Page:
As we head into Easter weekend I’m sure, or at least I hope, you are thawing that large ham to get ready to prep it for Sunday’s feast.
As with any religious holiday, the real meaning of Easter celebrating the risen Lord gets lost in all the other traditions of the holiday — dying eggs, hiding the eggs, bunnies and, of course, the centerpiece ham.
As best as I could find, the origin of ham being the Easter feast was based on convenience. In our less-than-civilized past, refrigeration was not available. So livestock were traditionally slaughtered in the fall to use Mother Nature’s cooling system over the winter.
Hams were prepared in the fall and allowed to properly cure over the winter, making the spring holiday the perfect time to feast on the nice ham.
To make sure that you’re only sharing ham and fixings, as well as good fellowship, the USDA has expanded the hours for the meat and poultry hotline to provide food safety info to consumers.
Now that we know a little bit of why we have ham for Easter, let’s dive into what do we do with the ham that is left over from the feast.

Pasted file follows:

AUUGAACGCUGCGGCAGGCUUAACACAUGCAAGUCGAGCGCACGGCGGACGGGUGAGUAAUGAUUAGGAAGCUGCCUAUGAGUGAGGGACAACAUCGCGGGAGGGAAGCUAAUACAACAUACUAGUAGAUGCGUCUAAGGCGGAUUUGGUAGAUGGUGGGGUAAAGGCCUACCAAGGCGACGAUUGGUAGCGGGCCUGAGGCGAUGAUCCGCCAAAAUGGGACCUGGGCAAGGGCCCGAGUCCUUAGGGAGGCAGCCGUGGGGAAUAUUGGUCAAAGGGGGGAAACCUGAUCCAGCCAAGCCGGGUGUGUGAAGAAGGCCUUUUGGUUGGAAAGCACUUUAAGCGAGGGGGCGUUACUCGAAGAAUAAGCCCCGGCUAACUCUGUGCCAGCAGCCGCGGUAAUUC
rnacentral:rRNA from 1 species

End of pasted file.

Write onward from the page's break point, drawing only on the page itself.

PorkBeInspired.com offers a plethora of ideas of how to prepare the ham for the feast, as well as some ideas of what to do with the leftovers.
As for me, here are my top five ways to “eat” into ham leftovers.
5. Omelets/egg bakes: We like to dice up leftover ham and freeze it, so there’s easy access once we get a hankering for a Sunday morning omelet. If you are having a larger gathering, you can always use the diced ham in what we call an egg bake. Pork Be Inspired has a recipe for Mom’s Brunch Eggs that looks like it could quickly become a family favorite.
4. Ham-and-bean soup provides a nice reminder of the feast of long ago. Freeze the ham bone and some of the ham, and dig it out when the air gets a chill again. Fire up a large pot of this hearty soup that almost becomes a stew if you do it right. We really don’t work from a recipe, we just kind of freelance our way to steamy goodness.
3. Scalloped potatoes and ham are a great, go-to comfort food. Sure, you can go to the trouble of making your own scalloped potatoes, but I think the boxed version works just fine. Of course, when you add ham, you can save any meal from “blah” to “yay!”
2. I think nothing can beat just a nice ham sandwich; OK, maybe a ham-and-cheese sandwich. Just a slab or two of ham between two slices of bread. You can add cheese if you’re into that, and maybe microwave it if you don’t like cold ham. Either way, you can’t beat simple.
And, now for the No. 1 way to enjoy leftover ham: Wait, you mean you have leftover ham? This is a new concept; leftover ham? What’s this world coming to?
Have a blessed Easter with family and friends; and of course, ham.